Microscope photos with the mirrorless system camera Sony NEX-6
For some years now, Sony has been successfully developing mirrorless system cameras and launching them on the market on a regular basis.
Due to their small size and weight, these cameras would also be interesting for use in photomicrography, especially for light microscopes without phototubes. That is why we have been eagerly awaiting further developments in this segment of Sony cameras, after having already tested the NEX-3 and NEX-5 models.
The Sony NEX-6 is positioned between the Sony NEX-7 and the Sony NEX-5R. It has a sleek, high-quality plastic body that is very well built. Operation of the camera is geared towards more advanced users who like using their own settings. For example, there are two unlabelled buttons whose functions at any given time are explained on the screen. Weighing in at only 340 grams without the lens, this camera is definitely in the “featherweight” class.
The screen on the back seems very big, with 921,000 pixels and 3 inches across diagonal corners. It can be tilted up 90 degrees and down about 45 degrees, but unfortunately it cannot be rotated or pivoted and is not touch-sensitive, either. The colour reproduction is very good, however. New features include an electronic viewfinder, WiFi and a mode-selection thumbwheel.
For our purposes, an electronic viewfinder is not required. In photomicrography and macrophotography, we usually rely on the display or, ideally, on an external monitor or HD monitor connected via an HDMI port, since we want to capture and display even the smallest details.
At 16 megapixels, the camera sensor (APS-C) is bigger than the 14-megapixel sensor on the Sony NEX-5. ISO speed ranges from 100 to 3,200 (set automatically); in manual mode, it can be set from ISO 100 to 25,600. Continuous shooting speed is very fast (9 images per second). The colour depth is 36 bits. Videos can be recorded in full HD resolution (1,920 x 1,080 pixels). The frame rate can be set to anywhere between 50 and 25 full frames per second.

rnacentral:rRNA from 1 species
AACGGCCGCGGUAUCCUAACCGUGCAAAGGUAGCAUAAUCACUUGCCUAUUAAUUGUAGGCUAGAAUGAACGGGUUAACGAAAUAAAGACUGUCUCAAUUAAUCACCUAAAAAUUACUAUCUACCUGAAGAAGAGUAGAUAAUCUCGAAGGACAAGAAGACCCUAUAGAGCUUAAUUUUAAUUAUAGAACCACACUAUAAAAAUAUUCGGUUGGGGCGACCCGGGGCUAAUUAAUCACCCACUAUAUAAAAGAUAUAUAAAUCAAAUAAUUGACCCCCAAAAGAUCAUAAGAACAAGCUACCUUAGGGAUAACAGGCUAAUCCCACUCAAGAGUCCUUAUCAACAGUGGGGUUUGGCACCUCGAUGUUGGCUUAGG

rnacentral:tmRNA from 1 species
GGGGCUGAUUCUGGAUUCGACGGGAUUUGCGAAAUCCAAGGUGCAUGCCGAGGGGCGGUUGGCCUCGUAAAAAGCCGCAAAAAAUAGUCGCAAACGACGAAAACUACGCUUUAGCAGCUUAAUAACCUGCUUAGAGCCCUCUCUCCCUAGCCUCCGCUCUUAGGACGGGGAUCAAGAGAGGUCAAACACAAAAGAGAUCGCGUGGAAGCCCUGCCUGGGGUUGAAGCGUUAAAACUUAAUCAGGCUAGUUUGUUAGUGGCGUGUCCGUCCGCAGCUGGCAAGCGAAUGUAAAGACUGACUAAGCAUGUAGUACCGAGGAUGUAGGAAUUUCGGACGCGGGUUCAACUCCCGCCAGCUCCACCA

The Sony NEX-6 can be attached to a microscope in a few quick steps using our LM adapter solutions, which are designed for connection via eyepiece or phototube and are available for all commonly used microscopes. The magnifying function in Live View mode makes it possible to optimally adjust the focus of the microscope image.
Until now, Sony cameras did not allow the user to control the camera remotely with Live View through a computer or to save images directly to the hard drive – features that the competitors Nikon and Canon do offer. The new WLAN feature on the Sony NEX-6, however, gives us hope that it will be possible to view and control the camera’s Live View images using a tablet (iPad).
The “Play Memories Mobile” app can be found in the App Store and is quick and easy to install. Before the camera can communicate with the tablet, however, it is necessary to set up the network. For security reasons, we use very long passwords in our networks. However, it is very difficult entering long passwords on the keypad field without a touchscreen. We can't really understand why the Sony NEX-6 doesn't have a touchscreen but the Sony NEX-5R does. For cameras in that price range and having such sophisticated functions, you would expect a touchscreen display.
The camera has an integrated basic web browser, so you can download apps directly off the web using the menu of the PlayMemories Mobile” app. Sony offers a few apps for the Sony NEX-6, including a remote control app, as we had hoped it would. However, when we tried to install it, we immediately met with another obstacle
Before being able to start the installation process, you need to open a Sony account on your PC or tablet by signing up with your personal data. We did so right away, of course. Then we had to enter the WLAN passwords on the camera, which again made the lack of a touchscreen monitor sorely apparent. For security reasons, we chose very long passwords that were extremely difficult to enter on the camera without a touchscreen. Once we succeeded in entering the passwords, the application was loaded – and we encountered another setback with the following error message:
After several attempts, we became very frustrated and finally gave up.
The camera itself is very well made. In this series, Sony has strengthened its focus on outdoor photography, and the camera can be used very well for that purpose. It cannot be unconditionally recommended for use in photomicrography and macrophotography, however, because of the lack of software for remote control via a PC. The camera's optical quality is definitely very good, but other cameras are substantially easier to use and can also be remotely controlled through a PC. The WLAN app still suffers from a number of initial bugs and, as a “next generation camera”, it definitely needs a touchscreen display. In our opinion, the “mandatory registration” makes it unnecessarily difficult to use the apps.
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